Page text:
First, you notice the ears, the soft, unwieldy ears, as she drags herself beneath the glass end table. The legs, you see now, are flat and broken, but the moist nose, still wiggling, is sweet and hopeful, and how could your cat, your awful fucking cat, a cat who eats turkey right out of your hand, have done this cruel and vicious thing, especially when there are mice, for Christ's sakes, eating right out of your cereal boxes, when a giant bowl of cat foot sits not ten feet away? Even as you call her, as you hiss and scream Get away from there!, she stays, rump raised, growling with pleasure, refusing to leave this treasure she's found.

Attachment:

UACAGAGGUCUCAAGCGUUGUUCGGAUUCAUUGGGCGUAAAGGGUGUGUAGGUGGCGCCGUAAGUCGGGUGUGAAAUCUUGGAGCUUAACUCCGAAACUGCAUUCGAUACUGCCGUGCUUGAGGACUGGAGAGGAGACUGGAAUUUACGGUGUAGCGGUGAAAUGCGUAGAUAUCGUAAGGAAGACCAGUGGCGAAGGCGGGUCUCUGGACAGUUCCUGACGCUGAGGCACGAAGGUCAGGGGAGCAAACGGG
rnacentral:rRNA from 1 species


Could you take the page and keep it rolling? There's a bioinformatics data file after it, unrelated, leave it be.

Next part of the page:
Somehow, despite her protests, you get the cat inside, as your husband prepares a dish-towel shroud and carries the rabbit, still vaguely alive, down to the brush beside the stream. Your daughter, wailing pitifully, sputtering about how much she hates the cat, refuses to stand with you at the window, refuses to even stand with you in the room. And when your husband returns, his eyes sad from this ordeal, as well as from a long, difficult day at work, he tells you what your cat already knew: that the brush, down there, was already swarming with other cats, that your cat was only one of many, everyone waiting, slavering for their piece of the rabbit.